It is time for this irreplaceable relic of our past to be better protected and appreciated. It should be sheltered and its story preserved for the generations to come. It may come down to another fund-raising effort, like the ladies in 1867.
You can see the bell at 71 Elliot St. in Atlanta’s Castleberry Hill neighborhood. More information, including a photograph of Augusta Hill, can be found on the bell’s Facebook page: https://www.facebook.com/AtlantaFireBell/
Editor’s Note: Bells were extremely valuable to major cities before phone lines were available. Church bells could sound danger, mobilize firemen and call people to events, not only religious. But a fire bell was a treasured object to a growing city. They were used in surprisingly sophisticated ways. For example, when this fire bell was installed, it could coordinate firemen to certain Atlanta city wards by the numbers of rings, thus enabling almost instant communication between fire stations. Its addition saved countless Atlanta lives and structures.
There was only one bell in Atlanta during and after the Civil War. If they were so valuable, why weren’t there more bells in Atlanta in 1867? During the Civil War the many bells in Atlanta (mostly church bells) were donated to the war effort, since metals were desired by the military. The only Atlanta bell to survive the Civil War was in Wesley Chapel and is currently located in the Atlanta First United Methodist Church; read more about the oldest Atlanta church bell here.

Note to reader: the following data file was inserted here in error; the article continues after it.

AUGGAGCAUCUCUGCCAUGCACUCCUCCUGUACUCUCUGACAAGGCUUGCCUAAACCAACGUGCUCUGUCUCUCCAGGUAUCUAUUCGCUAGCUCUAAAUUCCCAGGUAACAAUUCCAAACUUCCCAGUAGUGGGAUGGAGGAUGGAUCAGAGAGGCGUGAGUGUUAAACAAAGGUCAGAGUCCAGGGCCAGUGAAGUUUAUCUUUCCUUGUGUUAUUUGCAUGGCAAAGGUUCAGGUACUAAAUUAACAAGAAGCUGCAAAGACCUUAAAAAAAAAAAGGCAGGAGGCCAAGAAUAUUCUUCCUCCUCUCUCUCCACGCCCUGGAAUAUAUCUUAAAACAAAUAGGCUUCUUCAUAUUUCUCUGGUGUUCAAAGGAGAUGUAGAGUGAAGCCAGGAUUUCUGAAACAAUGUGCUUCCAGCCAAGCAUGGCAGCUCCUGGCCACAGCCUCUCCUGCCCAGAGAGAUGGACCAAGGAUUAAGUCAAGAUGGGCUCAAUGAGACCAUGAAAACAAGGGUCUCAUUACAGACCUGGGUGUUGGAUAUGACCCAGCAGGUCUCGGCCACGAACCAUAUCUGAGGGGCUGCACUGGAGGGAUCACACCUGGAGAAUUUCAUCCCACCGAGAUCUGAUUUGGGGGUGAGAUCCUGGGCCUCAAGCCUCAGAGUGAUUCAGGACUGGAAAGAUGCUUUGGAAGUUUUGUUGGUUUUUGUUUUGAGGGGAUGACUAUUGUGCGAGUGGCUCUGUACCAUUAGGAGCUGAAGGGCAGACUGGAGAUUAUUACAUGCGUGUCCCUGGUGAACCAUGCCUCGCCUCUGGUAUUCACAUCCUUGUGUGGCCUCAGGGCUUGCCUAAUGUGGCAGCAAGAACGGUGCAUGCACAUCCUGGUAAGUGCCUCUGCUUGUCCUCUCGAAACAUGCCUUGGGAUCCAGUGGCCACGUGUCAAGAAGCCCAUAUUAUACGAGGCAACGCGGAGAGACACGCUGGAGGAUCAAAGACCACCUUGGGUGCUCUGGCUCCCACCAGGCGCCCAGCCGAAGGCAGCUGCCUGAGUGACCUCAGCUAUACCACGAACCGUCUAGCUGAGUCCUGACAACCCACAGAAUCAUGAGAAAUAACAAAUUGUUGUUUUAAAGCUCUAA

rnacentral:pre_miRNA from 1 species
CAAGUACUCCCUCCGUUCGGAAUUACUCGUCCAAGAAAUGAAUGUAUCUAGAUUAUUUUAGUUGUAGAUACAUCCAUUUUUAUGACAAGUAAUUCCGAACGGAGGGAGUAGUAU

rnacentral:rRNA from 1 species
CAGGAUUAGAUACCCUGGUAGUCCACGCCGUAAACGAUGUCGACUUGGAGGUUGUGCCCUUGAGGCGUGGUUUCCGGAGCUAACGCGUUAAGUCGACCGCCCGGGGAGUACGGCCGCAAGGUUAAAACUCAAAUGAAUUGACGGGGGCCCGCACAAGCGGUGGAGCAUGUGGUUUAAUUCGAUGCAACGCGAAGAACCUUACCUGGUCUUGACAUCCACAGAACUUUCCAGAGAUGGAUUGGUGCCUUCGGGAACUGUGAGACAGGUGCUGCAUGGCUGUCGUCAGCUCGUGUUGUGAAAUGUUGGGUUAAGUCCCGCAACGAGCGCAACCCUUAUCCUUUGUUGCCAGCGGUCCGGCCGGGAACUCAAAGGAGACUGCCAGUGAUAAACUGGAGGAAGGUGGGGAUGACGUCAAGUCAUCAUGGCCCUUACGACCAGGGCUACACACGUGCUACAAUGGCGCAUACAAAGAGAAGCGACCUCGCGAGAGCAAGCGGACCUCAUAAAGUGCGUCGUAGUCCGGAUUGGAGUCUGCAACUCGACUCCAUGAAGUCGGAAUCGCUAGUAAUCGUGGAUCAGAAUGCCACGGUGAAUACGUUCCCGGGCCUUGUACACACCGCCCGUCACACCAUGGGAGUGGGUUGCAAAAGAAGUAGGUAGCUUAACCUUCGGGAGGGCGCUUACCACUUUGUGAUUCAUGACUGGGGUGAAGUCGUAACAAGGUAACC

The bell featured in this article was the first one purchased for Atlanta public needs after the Civil War. In 1867, the Atlanta Fire Department required a new steam engine and a fire bell. Like the author indicates, funds were low, so the city hosted a week-long “Ladies Fire Bell Fair” on April 30th, 1867. There were baseball games and other festive fair activities. The best baseball team won an ebony baseball bat.
At the fair there was also a voting contest among the women. The woman to receive the most votes would have her name inscribed on the steam engine, while the runner-up would have her name inscribed on the bell. Emma Latimer won the contest, but declined to have her name put on the steam engine, naming it Castalia. Augusta Hill came in second, thus her name was inscribed on the bell.
Augusta Hill, or Gussie Hill Thompson, was once considered the most beautiful woman in Atlanta. She married Joseph Thompson Jr., son of Dr. Joseph Thompson, a retired physician who made a fortune in hotels and was a leader in early Atlanta history. Gussie Thompson and the ladies raised $999.35, with a generous male Atlanta resident donating a final $.65 to make it a round $1,000, for the new steam engine and fire bell.
Blessed with beauty and wealth, unfortunately Gussie Thompson would die young on May 17th, 1878 from consumption (pulmonary tuberculosis) in the home of her distant relative former Georgia Governor Alfred H. Colquitt. She was battling the disease for years. Augusta “Gussie” Hill Thompson was only 34 years old when she passed away. Her gravestone is one of the more elaborate markers found in historic Oakland Cemetery.